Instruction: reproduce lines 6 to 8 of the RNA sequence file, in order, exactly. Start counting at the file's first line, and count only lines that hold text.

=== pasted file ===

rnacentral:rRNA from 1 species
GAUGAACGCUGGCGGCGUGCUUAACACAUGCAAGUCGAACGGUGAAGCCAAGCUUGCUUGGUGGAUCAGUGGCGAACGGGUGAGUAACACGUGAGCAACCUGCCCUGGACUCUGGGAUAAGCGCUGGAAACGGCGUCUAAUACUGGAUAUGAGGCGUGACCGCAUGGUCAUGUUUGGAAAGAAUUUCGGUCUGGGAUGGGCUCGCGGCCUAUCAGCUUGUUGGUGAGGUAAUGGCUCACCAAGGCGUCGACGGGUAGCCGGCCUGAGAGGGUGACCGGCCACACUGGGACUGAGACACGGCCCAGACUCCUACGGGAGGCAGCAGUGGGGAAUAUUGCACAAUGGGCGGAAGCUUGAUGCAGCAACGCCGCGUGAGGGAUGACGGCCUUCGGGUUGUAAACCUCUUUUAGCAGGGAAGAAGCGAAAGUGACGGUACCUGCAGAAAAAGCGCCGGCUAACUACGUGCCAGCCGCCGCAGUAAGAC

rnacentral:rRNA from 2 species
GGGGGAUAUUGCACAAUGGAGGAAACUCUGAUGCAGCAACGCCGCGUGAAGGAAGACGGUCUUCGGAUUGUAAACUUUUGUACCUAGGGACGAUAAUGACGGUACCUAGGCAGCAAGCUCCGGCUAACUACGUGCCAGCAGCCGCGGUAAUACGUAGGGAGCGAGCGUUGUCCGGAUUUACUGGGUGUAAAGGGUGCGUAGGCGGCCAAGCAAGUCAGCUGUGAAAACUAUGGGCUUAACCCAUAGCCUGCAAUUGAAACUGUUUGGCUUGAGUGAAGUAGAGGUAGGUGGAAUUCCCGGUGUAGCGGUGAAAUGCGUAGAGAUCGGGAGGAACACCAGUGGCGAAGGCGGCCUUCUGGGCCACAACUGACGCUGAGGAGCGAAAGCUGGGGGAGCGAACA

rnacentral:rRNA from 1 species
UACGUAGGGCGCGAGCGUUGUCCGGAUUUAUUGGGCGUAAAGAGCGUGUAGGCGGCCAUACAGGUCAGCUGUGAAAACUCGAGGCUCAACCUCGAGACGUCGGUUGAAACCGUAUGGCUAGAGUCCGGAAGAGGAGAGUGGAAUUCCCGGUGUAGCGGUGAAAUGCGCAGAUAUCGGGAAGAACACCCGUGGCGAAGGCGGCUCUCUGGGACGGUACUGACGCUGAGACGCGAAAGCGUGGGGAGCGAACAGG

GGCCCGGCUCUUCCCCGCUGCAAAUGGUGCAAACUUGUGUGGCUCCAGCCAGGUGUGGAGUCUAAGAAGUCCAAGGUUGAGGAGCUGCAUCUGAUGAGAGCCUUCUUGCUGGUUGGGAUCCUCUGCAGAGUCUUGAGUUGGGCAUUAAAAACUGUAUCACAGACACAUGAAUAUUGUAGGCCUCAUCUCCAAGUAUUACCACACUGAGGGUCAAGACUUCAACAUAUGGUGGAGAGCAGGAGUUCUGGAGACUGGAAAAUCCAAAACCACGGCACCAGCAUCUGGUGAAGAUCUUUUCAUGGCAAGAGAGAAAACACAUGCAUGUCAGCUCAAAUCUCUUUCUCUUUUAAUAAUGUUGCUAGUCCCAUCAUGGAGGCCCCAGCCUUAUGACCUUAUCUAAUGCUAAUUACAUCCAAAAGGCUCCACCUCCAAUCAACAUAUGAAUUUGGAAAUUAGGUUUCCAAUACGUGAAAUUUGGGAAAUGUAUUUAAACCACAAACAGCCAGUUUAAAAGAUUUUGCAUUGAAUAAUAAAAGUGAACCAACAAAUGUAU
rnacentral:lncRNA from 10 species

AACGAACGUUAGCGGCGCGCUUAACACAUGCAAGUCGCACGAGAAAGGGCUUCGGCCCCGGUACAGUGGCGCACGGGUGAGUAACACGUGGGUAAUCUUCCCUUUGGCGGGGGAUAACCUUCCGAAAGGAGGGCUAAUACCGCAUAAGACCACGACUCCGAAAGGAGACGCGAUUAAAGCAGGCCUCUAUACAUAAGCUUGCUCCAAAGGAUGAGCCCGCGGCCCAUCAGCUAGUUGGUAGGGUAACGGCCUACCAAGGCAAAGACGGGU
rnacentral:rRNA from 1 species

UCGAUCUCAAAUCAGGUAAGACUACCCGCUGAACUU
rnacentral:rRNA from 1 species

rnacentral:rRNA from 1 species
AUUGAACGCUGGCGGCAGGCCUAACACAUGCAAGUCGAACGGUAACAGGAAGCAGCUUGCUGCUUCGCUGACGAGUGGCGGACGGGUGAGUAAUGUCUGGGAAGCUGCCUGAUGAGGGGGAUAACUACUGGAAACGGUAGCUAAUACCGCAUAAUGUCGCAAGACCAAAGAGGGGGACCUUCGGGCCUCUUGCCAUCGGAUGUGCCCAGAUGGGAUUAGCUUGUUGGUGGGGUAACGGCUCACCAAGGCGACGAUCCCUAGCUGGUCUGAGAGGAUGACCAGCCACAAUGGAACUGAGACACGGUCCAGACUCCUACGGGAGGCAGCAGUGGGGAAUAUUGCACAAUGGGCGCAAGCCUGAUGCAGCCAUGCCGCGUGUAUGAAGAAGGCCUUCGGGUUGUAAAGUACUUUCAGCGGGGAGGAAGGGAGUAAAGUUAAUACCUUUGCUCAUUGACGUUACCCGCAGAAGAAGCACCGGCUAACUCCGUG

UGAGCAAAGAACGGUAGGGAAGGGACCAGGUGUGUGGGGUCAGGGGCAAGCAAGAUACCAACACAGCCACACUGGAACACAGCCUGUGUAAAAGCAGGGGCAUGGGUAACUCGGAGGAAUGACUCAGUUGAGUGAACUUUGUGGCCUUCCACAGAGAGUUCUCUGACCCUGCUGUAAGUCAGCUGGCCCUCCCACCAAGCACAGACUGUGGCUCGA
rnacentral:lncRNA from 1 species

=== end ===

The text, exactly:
UACGUAGGGCGCGAGCGUUGUCCGGAUUUAUUGGGCGUAAAGAGCGUGUAGGCGGCCAUACAGGUCAGCUGUGAAAACUCGAGGCUCAACCUCGAGACGUCGGUUGAAACCGUAUGGCUAGAGUCCGGAAGAGGAGAGUGGAAUUCCCGGUGUAGCGGUGAAAUGCGCAGAUAUCGGGAAGAACACCCGUGGCGAAGGCGGCUCUCUGGGACGGUACUGACGCUGAGACGCGAAAGCGUGGGGAGCGAACAGG

GGCCCGGCUCUUCCCCGCUGCAAAUGGUGCAAACUUGUGUGGCUCCAGCCAGGUGUGGAGUCUAAGAAGUCCAAGGUUGAGGAGCUGCAUCUGAUGAGAGCCUUCUUGCUGGUUGGGAUCCUCUGCAGAGUCUUGAGUUGGGCAUUAAAAACUGUAUCACAGACACAUGAAUAUUGUAGGCCUCAUCUCCAAGUAUUACCACACUGAGGGUCAAGACUUCAACAUAUGGUGGAGAGCAGGAGUUCUGGAGACUGGAAAAUCCAAAACCACGGCACCAGCAUCUGGUGAAGAUCUUUUCAUGGCAAGAGAGAAAACACAUGCAUGUCAGCUCAAAUCUCUUUCUCUUUUAAUAAUGUUGCUAGUCCCAUCAUGGAGGCCCCAGCCUUAUGACCUUAUCUAAUGCUAAUUACAUCCAAAAGGCUCCACCUCCAAUCAACAUAUGAAUUUGGAAAUUAGGUUUCCAAUACGUGAAAUUUGGGAAAUGUAUUUAAACCACAAACAGCCAGUUUAAAAGAUUUUGCAUUGAAUAAUAAAAGUGAACCAACAAAUGUAU
rnacentral:lncRNA from 10 species